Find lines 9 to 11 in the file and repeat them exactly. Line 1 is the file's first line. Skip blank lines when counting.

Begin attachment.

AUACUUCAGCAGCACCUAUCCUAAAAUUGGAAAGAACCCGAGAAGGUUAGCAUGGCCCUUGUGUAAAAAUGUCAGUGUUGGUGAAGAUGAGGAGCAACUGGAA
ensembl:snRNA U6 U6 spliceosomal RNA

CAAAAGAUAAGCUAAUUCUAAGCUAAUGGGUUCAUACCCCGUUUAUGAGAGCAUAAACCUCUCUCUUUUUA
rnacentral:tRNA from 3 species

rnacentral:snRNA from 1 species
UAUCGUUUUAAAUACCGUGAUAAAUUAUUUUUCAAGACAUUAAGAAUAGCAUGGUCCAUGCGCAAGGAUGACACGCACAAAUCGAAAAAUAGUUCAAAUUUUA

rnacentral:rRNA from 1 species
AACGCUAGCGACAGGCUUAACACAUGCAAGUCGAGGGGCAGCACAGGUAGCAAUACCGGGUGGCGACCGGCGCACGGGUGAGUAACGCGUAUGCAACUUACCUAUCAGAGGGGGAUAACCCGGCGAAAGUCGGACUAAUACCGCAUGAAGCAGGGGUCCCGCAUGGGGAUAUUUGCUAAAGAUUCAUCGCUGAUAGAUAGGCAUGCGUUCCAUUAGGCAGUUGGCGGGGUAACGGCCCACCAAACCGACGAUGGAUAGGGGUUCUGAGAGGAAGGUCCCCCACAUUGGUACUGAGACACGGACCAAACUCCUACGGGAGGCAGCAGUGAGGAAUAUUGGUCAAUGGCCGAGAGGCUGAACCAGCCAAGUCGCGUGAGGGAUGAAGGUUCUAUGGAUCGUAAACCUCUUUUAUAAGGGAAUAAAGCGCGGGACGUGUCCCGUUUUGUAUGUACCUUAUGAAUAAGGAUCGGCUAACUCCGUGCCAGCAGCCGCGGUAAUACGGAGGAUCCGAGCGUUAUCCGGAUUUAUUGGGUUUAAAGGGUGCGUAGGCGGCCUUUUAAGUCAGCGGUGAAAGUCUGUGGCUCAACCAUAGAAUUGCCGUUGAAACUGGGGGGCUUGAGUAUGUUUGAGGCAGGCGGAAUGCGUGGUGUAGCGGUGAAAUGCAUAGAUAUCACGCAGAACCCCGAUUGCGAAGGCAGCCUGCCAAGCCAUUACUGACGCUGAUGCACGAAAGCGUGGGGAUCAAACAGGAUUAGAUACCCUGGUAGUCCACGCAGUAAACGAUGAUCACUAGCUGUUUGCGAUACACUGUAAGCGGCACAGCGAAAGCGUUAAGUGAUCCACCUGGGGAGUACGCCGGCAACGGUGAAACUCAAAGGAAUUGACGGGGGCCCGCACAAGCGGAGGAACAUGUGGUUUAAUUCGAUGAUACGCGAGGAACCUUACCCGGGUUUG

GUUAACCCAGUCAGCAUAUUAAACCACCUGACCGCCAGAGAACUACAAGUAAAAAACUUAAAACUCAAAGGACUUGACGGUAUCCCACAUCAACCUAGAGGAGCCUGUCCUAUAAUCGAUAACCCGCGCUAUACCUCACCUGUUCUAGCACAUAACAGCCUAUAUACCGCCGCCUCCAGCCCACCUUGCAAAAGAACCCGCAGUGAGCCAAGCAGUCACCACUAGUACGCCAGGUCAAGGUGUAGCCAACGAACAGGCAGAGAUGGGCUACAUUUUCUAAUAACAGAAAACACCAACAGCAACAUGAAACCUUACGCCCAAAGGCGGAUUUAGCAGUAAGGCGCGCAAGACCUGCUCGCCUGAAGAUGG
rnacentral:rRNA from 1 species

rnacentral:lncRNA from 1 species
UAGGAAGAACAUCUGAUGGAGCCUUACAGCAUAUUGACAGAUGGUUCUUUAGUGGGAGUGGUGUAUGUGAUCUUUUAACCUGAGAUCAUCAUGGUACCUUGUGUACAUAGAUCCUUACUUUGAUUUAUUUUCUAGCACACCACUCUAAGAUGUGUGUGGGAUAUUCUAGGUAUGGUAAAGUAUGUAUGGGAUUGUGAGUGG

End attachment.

GUUAACCCAGUCAGCAUAUUAAACCACCUGACCGCCAGAGAACUACAAGUAAAAAACUUAAAACUCAAAGGACUUGACGGUAUCCCACAUCAACCUAGAGGAGCCUGUCCUAUAAUCGAUAACCCGCGCUAUACCUCACCUGUUCUAGCACAUAACAGCCUAUAUACCGCCGCCUCCAGCCCACCUUGCAAAAGAACCCGCAGUGAGCCAAGCAGUCACCACUAGUACGCCAGGUCAAGGUGUAGCCAACGAACAGGCAGAGAUGGGCUACAUUUUCUAAUAACAGAAAACACCAACAGCAACAUGAAACCUUACGCCCAAAGGCGGAUUUAGCAGUAAGGCGCGCAAGACCUGCUCGCCUGAAGAUGG
rnacentral:rRNA from 1 species

rnacentral:lncRNA from 1 species